NAME: George Joseph David Herlihy
SERVICE NO: 3342
YEAR OF BIRTH: 1895
PLACE OF BIRTH: Balmoral
DATE OF ENLISTMENT: 15 July 1915
PLACE OF ENLISTMENT: Melbourne
AGE AT ENLISTMENT: 20
UNIT: 7th Battalion
EMBARKED: 11 October 1915
TROOP SHIP: HMAT A71 Nestor
FATE: Killed in Action – France -11 April 1918
George Joseph David Herlihy was born at Balmoral in 1895 to horse-breaker Michael Herlihy and Edith Davis. After George’s birth, the Herlihys moved to Hamilton, residing in Stephens Street. George attended St. Mary’s Convent school.
On 15 July 15, George, a jockey, enlisted in Melbourne under the name George Hurley. He later signed a statutory declaration stating his name was really George Herlihy. He embarked on 11 October 1915 aboard the HMAT A71 Nestor with the 7th Battalion 11th reinforcements. The battalion landed in Egypt but only spent a few months there. Much of that time George was hospitalised with mumps. The battalion then moved on to France in April 1916. On 17 July 1916, the Hamilton Spectator published a letter from George home to his mother:
We have been in the trenches for a while now, and it is not bad where we are at all. When we hear the bullets whistle in the air we “duck” our heads – it comes natural to a man to cover his head up when he hears something coming. A shell burst within three feet of me the other day and I never got a scratch. I was pretty lucky. The bursting shell lifted the parapet about two feet.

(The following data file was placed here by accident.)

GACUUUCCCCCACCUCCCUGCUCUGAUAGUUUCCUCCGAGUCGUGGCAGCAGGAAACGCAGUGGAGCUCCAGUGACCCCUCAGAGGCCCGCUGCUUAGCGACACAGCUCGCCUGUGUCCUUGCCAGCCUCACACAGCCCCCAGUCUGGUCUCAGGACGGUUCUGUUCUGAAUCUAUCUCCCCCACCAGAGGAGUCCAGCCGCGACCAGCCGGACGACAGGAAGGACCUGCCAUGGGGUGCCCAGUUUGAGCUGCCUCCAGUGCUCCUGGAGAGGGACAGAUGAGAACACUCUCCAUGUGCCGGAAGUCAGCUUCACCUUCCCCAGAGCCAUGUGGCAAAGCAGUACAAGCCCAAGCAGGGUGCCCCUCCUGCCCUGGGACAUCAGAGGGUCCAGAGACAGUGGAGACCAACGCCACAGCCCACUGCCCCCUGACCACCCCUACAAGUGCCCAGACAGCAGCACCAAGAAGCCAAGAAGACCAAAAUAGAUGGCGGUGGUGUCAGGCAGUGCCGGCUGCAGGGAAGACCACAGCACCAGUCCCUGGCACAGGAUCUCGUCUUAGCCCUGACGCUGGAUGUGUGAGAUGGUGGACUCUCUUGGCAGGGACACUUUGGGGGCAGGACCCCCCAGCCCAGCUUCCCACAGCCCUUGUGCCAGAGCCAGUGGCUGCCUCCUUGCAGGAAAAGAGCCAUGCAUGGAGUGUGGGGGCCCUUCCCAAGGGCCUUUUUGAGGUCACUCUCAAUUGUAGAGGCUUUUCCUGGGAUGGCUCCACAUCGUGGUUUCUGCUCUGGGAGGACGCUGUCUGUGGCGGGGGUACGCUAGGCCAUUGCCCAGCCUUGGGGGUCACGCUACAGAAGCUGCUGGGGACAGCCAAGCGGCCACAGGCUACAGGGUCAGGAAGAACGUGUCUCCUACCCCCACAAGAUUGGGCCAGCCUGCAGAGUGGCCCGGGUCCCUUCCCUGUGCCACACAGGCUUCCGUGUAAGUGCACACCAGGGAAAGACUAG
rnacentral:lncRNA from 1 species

George was mentioned in dispatches in September 1916 after a successful raid on enemy trenches.
For most of 1917, George was hospitalised in England with illness. He rejoined his battalion in December that year.
The 7th Battalion unit diary states that on 11 April, 1918 the battalion was given orders to move. Their packs were loaded onto trucks and taken to the St. Rochs Railway Station at Amiens. George Herlihy was part of the advance party that took the packs to the station while the rest of the battalion marched. When the battalion was about a mile from the station, a shell fell in the station yard killing four members of the advance party, including George Herlihy. Another thirteen were wounded.
Three of George’s brothers enlisted, including Harry Herlihy a saddler who won a Military Medal while serving with the 14th Battalion.